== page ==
JTF (just the facts): A total of 9 large scale color photographs, framed in brown wood and unmatted, and hung against white walls in the three adjoining gallery spaces on the first floor. No specific print process information was given beyond “color photograph” on the checklist. The works are available in editions of 6, and range in size from 64×91 to 80×140. The images are dated either 2010/2011 or 2010/2012. (Installation shots at right.)
Comments/Context: Cindy Sherman’s current show of new work is surprisingly full of risks and experiments, announcing with authority that whatever you may have seen over at the MoMA, there will be no resting on her laurels; she is still challenging herself to extend the boundaries of her artistic practice. In these photographs, Sherman’s picture making approach has been more directly influenced by new digital tools, impacting both the look of her characters and the scope and texture of their surroundings.
For the first time, Sherman has used broad natural landscapes as backdrops to her portraits. Taken primarily in Iceland after the recent volcanic eruption, her photographic views are full of rocky hillsides, barren river valleys, and open pastures weighed down by moody grey skies. Dusty flat plains give way to mossy outcroppings, the exploding ash in the sky swirling like the clouds in a Turner painting. Sherman’s characters float in front of these bleakly beautiful settings, seemingly disconnected from their environments. The landscapes provide some clues (or blind alleys) for potential narratives, but the characters themselves make no attempt to clarify any meaningful connections. Unlike the interiors from the recent society portraits (which provided some useful context), the landscapes upend our ability to find any thread of a plausible story.
Sherman’s use of fine-grained digital manipulation is also much more pronounced in these works. The landscapes have been minutely textured to look like painterly brush strokes, softening their harshness just a bit, and the faces of Sherman’s characters have been digitally altered to elongate noses, widen eyes, and flatten severe expressions. While she has substituted post-production editing for her previous eccentricies of makeup and stagecraft, as always, her handiwork is still somehwat visible, intentionally reminding us just how far from reality these people are. Dour bloodless faces peer down with steely intensity, with just a touch of puzzling distorted detail to keep us off balance.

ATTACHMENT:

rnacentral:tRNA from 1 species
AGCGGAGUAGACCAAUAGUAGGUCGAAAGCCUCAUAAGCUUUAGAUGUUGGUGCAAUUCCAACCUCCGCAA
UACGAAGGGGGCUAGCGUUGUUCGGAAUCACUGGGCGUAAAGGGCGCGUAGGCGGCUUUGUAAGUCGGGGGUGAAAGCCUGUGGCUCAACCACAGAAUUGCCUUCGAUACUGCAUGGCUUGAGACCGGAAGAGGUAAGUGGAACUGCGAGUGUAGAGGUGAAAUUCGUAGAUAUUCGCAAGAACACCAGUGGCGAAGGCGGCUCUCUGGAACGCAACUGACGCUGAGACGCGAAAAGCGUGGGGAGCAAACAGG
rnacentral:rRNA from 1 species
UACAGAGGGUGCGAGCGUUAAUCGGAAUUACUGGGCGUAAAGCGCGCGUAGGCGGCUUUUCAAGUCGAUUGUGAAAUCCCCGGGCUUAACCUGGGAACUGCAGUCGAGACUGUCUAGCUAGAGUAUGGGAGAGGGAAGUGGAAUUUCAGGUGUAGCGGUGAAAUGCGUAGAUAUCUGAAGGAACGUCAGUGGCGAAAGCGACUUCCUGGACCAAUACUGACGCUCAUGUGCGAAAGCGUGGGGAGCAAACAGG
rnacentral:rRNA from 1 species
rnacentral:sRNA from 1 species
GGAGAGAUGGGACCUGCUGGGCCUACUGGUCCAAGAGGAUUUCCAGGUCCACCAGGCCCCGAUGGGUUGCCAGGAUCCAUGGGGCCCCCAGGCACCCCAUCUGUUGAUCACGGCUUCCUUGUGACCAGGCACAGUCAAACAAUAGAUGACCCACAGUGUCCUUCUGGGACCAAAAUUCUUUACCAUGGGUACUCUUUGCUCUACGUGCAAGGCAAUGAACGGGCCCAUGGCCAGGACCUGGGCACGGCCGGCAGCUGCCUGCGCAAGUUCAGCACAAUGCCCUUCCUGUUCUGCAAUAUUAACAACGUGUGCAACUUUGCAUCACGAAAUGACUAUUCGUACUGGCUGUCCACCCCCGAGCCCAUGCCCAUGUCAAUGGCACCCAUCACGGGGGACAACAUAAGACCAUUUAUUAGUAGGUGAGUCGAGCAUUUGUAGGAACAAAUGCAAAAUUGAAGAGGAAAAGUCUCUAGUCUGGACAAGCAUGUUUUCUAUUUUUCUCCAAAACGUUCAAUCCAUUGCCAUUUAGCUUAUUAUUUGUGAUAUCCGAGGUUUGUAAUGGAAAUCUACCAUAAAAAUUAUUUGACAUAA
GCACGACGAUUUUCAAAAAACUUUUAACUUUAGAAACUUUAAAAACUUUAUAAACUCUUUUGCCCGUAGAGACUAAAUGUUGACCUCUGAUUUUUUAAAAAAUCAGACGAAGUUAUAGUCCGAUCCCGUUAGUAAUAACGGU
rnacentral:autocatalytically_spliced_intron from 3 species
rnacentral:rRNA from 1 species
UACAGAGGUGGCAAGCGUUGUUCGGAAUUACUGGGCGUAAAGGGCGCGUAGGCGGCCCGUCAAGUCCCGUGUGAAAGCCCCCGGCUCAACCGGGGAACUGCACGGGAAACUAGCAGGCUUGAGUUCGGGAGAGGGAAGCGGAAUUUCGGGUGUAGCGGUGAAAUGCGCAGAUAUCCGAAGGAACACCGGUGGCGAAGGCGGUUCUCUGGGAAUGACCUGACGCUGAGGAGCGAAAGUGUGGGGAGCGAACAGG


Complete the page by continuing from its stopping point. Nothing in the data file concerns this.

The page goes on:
I haven’t yet mentioned the elaborate and often delightfully improbable costumes these women are wearing, and here again we see some experimentation by Sherman. All of these gowns and outfits came from the Chanel archive, but these images don’t look anything like traditional fashion photographs. The poses are wrong, the scenes totally incongruous; the haute couture fashions are at once entirely misplaced and quietly celebrated. A yellow and green belted jacket and puffy skirt combination takes on a prim Western pioneer look against its mountainous backdrop, while a shimmery gold and blue concoction looks like the ceremonial garb of some nomadic tribeswoman when set against furrowed grassy hills. The lush intricacy of the fashions and the starkness of the terrain make for odd bedfellows.
The end result of all this innovation is a set of intense pictures that have some of the trappings of broad, romantic landscape scenes of the past, but with an overall feeling that lies somewhere between defiant loneliness and quirky, confrontational glamour. All of the component parts are inconclusive and disconnected, leaving the viewer incapable of really figuring out what is going on. While Sherman is clearly exploiting some of the aesthetic freedoms that these larger digital tableaux can offer, she continues to purposefully avoid giving us any easy answers, forcing us to find our own meanings amid the feathers and the dirt.
Collector’s POV: The photographs in this show are priced at either $400000 or $450000 based on size. With Sherman’s excellent retrospective still on view at the MoMA (review here), there has been a flood of her works into the secondary markets this spring, likely hoping to capitalize on all the attention. I believe there were 26 different Shermans for sale in the Contemporary Art sales at the big three auction houses, plus countless others at the various New York art fairs, particularly the Armory. In general, recent auction prices have ranged from as low as roughly $2000 (for one of her large edition prints) to as high as her then world record $3.89 million price set in 2011. A print from that same edition (the orange sweater centerfold) was sold this spring by the Akron Art Museum and fetched roughly $1 million less than the record, perhaps a sign that prices are stabilizing with so much material now becoming available.